Incessant finger chewing. Alarming head banging. Repetitive kicking. These all sound like elements of a typical toddler temper tantrum, right? Sometimes, children actually may be battling sensory issues.
Sensory Processing Disorder (SPD) has been called a neurological “traffic jam” by one of the most famous occupational therapists, A. Jean Ayres, Ph.D.
SPD prevents certain parts of the brain from receiving the information needed to interpret sensory information correctly. Often, this means a child’s behavior is compensating for an emotional, neurological need for something more than what they’re getting, via any of the five senses (i.e., sight, sound, touch, smell, taste).
My son, Charlie, has Down syndrome. We first noticed what we mistook for a behavior issue when he was just 14 months. We took a six-hour road trip, and our cherub gnawed on his fingers and yelled the entire time.
No, really. The. Entire. Time. We arrived at our vacation destination exhausted, frustrated and hard of hearing.
From fingers to chewy tube — who knew?
I’ll play the New Parent Card with this one: We decided Charlie must just resort to the chewing/yelling combination whenever he wanted attention.
Thankfully, we know other parents who are smarter than we are. While hearing another mother’s story of learning about her child’s sensory issues, suddenly, our situation made sense. Charlie’s gnawing and yelling coincided with being restrained somewhere, whether it was the high chair, the car seat or his crib.
We tried handing him the red chewy tube our speech therapist had recommended long ago to help strengthen his oral motor skills. Miraculously, he grasped the chewy tube and chewed vigorously on it, no longer interested in his fingers or the yelling (oh, thank God and all of heaven above).
Sounds simple, but it took us two years to figure it out.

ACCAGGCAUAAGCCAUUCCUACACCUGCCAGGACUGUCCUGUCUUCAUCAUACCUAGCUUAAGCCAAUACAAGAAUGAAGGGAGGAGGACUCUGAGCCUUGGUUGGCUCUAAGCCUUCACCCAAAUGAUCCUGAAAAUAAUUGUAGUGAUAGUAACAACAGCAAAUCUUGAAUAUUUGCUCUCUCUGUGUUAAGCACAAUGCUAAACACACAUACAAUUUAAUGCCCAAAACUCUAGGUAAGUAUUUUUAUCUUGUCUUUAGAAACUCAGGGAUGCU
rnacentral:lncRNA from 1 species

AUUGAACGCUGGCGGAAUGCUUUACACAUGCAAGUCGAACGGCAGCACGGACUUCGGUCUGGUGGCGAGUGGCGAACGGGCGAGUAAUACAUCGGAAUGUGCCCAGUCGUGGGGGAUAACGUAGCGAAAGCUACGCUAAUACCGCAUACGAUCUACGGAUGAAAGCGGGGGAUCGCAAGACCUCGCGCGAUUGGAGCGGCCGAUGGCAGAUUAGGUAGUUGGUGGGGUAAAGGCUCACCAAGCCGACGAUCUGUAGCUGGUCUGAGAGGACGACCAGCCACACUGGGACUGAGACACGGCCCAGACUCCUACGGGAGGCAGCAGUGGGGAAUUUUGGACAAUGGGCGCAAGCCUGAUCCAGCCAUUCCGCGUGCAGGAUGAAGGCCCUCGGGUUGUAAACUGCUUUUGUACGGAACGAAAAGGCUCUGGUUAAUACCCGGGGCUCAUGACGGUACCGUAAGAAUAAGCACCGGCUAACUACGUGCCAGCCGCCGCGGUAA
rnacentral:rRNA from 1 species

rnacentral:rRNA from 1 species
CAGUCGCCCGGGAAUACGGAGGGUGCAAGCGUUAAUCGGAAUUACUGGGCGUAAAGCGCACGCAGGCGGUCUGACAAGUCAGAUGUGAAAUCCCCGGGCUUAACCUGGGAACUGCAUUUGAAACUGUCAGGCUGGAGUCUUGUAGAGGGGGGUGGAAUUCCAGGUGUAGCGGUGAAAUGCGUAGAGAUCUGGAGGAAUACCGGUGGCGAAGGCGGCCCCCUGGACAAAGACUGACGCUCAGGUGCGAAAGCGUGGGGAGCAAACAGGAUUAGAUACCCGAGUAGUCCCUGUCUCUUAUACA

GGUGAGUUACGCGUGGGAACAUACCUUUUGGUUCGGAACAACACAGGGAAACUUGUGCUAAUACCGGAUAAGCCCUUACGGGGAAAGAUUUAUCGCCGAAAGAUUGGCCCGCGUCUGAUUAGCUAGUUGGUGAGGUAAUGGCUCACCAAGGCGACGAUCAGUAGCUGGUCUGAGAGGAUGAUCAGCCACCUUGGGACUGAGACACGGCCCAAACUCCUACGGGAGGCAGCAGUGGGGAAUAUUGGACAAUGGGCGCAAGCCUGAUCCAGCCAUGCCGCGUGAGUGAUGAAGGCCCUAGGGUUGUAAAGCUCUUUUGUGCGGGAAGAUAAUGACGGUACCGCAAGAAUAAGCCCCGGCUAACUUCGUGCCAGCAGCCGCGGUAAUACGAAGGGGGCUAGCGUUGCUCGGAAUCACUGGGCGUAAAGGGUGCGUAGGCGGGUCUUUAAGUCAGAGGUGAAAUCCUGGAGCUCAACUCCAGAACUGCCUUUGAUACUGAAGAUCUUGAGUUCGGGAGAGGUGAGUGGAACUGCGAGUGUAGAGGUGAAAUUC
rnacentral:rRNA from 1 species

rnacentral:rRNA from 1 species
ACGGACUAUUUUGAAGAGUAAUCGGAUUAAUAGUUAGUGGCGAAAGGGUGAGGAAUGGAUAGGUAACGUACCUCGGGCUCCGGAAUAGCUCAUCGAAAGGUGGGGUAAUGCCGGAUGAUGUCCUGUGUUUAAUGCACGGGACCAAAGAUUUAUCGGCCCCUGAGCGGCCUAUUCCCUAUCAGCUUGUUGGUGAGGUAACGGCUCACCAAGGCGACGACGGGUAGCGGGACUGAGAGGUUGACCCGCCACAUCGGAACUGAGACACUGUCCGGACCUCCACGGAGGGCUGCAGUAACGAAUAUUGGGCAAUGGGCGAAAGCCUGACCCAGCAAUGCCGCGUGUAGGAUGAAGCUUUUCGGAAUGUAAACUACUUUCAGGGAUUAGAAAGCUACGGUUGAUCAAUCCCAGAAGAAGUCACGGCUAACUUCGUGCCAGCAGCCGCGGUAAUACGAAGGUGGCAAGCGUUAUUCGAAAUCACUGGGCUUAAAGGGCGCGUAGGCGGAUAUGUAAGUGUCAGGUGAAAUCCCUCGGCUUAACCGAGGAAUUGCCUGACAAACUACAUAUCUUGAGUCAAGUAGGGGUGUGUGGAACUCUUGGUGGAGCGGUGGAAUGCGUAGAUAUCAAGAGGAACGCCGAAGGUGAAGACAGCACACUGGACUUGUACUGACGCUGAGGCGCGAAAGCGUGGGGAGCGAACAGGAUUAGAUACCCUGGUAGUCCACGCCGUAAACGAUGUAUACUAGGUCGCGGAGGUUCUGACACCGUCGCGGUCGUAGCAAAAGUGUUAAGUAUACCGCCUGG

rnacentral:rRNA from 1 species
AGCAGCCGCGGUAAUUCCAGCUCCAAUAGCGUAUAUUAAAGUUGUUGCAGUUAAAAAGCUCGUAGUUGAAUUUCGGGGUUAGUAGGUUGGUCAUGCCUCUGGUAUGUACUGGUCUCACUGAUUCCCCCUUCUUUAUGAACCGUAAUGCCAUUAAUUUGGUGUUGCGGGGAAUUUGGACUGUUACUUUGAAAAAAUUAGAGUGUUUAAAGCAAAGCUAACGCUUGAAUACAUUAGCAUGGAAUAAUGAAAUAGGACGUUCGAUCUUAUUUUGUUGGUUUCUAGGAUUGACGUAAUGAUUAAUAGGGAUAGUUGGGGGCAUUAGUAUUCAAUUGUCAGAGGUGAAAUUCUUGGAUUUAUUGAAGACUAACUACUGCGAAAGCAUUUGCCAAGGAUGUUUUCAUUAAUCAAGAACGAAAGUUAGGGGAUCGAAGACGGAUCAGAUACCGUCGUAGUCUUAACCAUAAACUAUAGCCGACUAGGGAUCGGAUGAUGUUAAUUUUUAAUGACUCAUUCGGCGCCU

Tips for identifying a sensory issue
While diagnosing a “Sensory Processing Disorder” or “sensory integration” disorder can be complex, here are several simple tips from Erin Rockman, OTR/L (occupational therapist), who has helped us with Charlie. Naturally, these shouldn’t replace consulting your child’s pediatrician.
First questions to ask:
- Does the child’s action disrupt your life? For example, do you avoid certain places because of noises, crowds or smells?
- Does the action occur with everyone? For example, if a child’s actions only occur with parents and not at school or day care or with grandparents, the action is likely behavioral.
- Does the child stop the action when given a reward? “If a child is having a meltdown because of a sensory issue, then a sticker or cookie typically will not fix the situation,” Rockman explains. “The child may need some specific interventions to help regulate [his or her] sensory system.”
In Rockman’s experience, she has met children with a wide range of issues, including:
- Taste or texture (e.g., food aversions or sensitivities)
- Sound (e.g., noise sensitivities)
- Feel (e.g., “tactile defensiveness,” or sensitivities to clothing)
In addition, children may have vestibular and proprioceptive seeking behaviors, which Rockman says occur “when a child seeks a lot of movement as compared to his/her peers… or avoids movement, as well, for example resists swinging or playing on a playground.”
While sensory issues often occur when a child has an existing diagnosis (e.g., autism, Down syndrome), they also can occur in a child with no known medical condition, Rockman says.
The Out-of-Sync Child: Recognizing and Coping with Sensory Processing Disorder
If you suspect a child has a sensory issue, Rockman advises discussing your thoughts with the child’s pediatrician and seeking an occupational therapy (OT) referral for an evaluation.
What should parents avoid? “Don’t rely on the therapy sessions alone to improve a child’s sensory processing behaviors,” Rockman advises. “It is most effective when a sensory diet is carried over at home consistently. A therapist will provide a sensory diet based on a child’s individual needs, and parents need to take an active role.”